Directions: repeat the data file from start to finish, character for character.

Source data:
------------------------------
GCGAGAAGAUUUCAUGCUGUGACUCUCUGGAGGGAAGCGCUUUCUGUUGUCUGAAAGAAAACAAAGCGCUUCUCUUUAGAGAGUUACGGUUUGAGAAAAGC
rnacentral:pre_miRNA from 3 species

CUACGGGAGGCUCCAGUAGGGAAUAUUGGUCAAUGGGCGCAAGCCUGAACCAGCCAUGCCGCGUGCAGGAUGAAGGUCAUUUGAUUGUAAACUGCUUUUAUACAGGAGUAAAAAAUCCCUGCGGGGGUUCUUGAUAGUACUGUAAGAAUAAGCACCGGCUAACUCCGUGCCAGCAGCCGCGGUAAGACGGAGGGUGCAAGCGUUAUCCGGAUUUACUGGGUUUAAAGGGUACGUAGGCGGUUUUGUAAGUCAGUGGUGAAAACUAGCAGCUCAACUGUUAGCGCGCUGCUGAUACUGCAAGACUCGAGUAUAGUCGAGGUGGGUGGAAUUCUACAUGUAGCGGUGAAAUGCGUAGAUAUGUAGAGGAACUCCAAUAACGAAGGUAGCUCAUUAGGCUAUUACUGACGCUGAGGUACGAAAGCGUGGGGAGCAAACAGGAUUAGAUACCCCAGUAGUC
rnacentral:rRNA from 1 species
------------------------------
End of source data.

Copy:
GCGAGAAGAUUUCAUGCUGUGACUCUCUGGAGGGAAGCGCUUUCUGUUGUCUGAAAGAAAACAAAGCGCUUCUCUUUAGAGAGUUACGGUUUGAGAAAAGC
rnacentral:pre_miRNA from 3 species

CUACGGGAGGCUCCAGUAGGGAAUAUUGGUCAAUGGGCGCAAGCCUGAACCAGCCAUGCCGCGUGCAGGAUGAAGGUCAUUUGAUUGUAAACUGCUUUUAUACAGGAGUAAAAAAUCCCUGCGGGGGUUCUUGAUAGUACUGUAAGAAUAAGCACCGGCUAACUCCGUGCCAGCAGCCGCGGUAAGACGGAGGGUGCAAGCGUUAUCCGGAUUUACUGGGUUUAAAGGGUACGUAGGCGGUUUUGUAAGUCAGUGGUGAAAACUAGCAGCUCAACUGUUAGCGCGCUGCUGAUACUGCAAGACUCGAGUAUAGUCGAGGUGGGUGGAAUUCUACAUGUAGCGGUGAAAUGCGUAGAUAUGUAGAGGAACUCCAAUAACGAAGGUAGCUCAUUAGGCUAUUACUGACGCUGAGGUACGAAAGCGUGGGGAGCAAACAGGAUUAGAUACCCCAGUAGUC
rnacentral:rRNA from 1 species